Review: George Clooney's Suburbicon an uneasy mishmash
PUBLISHED: 16:09 23 November 2017 | UPDATED: 17:23 23 November 2017
Paramount Pictures/Hilary Bronwyn Gayle
A bungled robbery in a picket-fenced 1950s American white community provides the catalyst for George Clooney's comic crime caper based on a script by Joel and Ethan Coen, which has been gathering dust on a shelf since the 1980s.
In its opening scenes, George Clooney’s latest film introduces us to the town of Suburbicon, an idealised vision of 50s Americana, in the early 60s.
The place is so stylised, so Pleasantville perfect, that you know something horrible is going to happen to it. Sure enough, there goes the neighbourhood: when a coloured family move into a house the entire white-flight community turns into animals, mounting an escalating campaign of harassment and intimidation to try and drive them out.
But they’re not the film.
Because around the back of their house, a white family headed by Matt Damon and two Julianne Moores (they’re sisters) are busy playing at Fargo; enacting a typical Coen Brothers style tale of dimwit criminality and numbskull duplicity.
Which is to be expected: they’re characters in a Coen Brothers’ script, albeit a very old one from back in the 80s, sometime after Blood Simple.
For the movie, they share a script credit with Clooney and his regular writing partner Grant Heslov and, though attribution is never that straightforward in movies, at times you can really see the join. It is full of knotty little bits of Coen black humour and idiosyncrasies, that have somehow escaped from their box and are squatting on a set from an Oscar pleading period drama.
Where does this mishmash get us? Nowhere very useful.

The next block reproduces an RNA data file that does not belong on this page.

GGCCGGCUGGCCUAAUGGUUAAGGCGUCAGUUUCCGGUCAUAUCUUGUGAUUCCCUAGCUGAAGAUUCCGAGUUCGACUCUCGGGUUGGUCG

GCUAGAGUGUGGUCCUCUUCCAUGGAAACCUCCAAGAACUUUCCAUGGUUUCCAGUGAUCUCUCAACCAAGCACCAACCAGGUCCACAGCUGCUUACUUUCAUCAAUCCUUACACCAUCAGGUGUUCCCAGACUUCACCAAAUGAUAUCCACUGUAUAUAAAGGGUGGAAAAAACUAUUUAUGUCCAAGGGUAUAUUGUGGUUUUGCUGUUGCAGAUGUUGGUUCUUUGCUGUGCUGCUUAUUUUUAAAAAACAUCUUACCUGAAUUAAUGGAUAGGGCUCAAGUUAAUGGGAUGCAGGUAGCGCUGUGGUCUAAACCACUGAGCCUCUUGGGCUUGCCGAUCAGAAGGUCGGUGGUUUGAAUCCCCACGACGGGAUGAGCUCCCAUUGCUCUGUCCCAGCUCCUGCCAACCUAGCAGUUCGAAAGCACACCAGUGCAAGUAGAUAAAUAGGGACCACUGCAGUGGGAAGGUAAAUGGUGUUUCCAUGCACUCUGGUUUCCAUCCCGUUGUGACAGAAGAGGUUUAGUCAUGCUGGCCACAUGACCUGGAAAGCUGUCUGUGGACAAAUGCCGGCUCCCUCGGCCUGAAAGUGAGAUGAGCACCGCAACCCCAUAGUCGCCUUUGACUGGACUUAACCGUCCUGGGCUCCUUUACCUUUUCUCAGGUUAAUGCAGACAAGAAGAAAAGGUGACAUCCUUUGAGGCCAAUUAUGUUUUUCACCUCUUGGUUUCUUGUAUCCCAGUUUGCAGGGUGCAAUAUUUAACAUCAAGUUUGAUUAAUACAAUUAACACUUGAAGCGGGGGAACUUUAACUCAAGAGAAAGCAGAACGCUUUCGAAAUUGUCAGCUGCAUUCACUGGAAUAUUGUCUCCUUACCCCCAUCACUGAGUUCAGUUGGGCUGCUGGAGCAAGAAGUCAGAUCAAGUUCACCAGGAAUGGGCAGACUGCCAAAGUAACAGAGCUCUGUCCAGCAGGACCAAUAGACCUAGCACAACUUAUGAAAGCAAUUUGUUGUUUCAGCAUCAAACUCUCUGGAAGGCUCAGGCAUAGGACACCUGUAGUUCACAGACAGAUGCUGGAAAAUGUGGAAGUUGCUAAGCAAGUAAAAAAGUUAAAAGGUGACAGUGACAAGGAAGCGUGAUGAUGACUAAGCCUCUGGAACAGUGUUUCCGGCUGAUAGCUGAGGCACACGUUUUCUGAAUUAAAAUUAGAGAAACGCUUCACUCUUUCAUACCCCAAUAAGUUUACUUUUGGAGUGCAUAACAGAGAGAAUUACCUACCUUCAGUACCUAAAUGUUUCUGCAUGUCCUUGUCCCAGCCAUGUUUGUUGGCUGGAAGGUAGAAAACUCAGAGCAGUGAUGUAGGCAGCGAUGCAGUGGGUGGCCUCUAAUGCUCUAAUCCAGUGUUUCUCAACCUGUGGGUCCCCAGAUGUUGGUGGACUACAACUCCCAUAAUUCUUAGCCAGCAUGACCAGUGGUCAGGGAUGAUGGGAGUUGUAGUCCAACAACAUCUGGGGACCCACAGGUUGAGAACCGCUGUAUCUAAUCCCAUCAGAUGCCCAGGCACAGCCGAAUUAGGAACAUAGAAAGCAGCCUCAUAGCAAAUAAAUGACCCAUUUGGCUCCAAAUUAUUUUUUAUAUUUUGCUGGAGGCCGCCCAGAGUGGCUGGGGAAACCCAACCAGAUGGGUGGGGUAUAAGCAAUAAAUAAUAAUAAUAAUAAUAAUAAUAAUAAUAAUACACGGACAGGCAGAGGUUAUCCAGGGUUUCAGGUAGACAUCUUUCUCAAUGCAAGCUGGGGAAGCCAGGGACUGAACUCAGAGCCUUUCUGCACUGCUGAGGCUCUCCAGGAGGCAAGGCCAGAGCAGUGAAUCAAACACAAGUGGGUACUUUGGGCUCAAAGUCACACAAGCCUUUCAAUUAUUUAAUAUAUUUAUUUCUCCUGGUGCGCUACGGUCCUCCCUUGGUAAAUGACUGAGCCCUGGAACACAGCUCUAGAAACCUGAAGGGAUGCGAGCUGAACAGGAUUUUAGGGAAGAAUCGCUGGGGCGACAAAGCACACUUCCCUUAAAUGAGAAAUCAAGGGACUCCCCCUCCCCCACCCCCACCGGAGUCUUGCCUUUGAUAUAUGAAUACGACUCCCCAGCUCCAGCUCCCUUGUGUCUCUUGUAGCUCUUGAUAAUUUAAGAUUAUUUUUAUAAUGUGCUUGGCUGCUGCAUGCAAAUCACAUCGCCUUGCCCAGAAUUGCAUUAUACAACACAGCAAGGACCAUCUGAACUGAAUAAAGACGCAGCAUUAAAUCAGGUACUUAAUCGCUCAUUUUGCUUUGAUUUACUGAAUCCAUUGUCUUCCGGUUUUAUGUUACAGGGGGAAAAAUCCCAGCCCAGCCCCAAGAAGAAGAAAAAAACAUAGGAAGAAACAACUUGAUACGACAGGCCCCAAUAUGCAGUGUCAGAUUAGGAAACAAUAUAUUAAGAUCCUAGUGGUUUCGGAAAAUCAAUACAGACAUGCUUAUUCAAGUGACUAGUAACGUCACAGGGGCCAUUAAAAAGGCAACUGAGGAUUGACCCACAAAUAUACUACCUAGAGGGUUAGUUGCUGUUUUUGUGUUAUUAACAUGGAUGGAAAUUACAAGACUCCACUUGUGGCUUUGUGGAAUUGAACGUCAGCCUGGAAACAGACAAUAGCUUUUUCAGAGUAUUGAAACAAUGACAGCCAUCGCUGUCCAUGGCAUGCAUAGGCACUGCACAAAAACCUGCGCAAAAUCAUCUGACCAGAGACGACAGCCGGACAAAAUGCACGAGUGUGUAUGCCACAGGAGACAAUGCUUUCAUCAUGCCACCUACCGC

The year is 1957 and family man Gardner Lodge (Damon), his wife Rose (Moore) and their son Nicky (Noah Jupe) are among 60,000 all-white residents of Suburbicon.
During a visit by Rose’s twin sister Margaret (Moore again), the family is surprised by two brutish intruders. Alas, Rose dies from inhaling too much chloroform.
Soon after, life insurance claims investigator Bud Cooper (Oscar Isaac) arrives armed with uncomfortable questions about the fortuitous timing of Rose’s demise.
Clooney stages it very skillfully, there are a few funny moments and some fine performances. Isaac’s role is little more than a cameo, but memorably performed in the style of Gomez from the Addams Family.
The 50s setting is so archly All American it is almost parallel world sci-fi – people use torches to change the channel on the TV. But those TVs beam out real footage of the this real world’s Civil Rights struggle, and of white people complaining about integration in the 60s.
What America needs now is something that brings its fractured sides together, and maybe this is the film to do it. There’s something to annoy everyone in Suburbicon.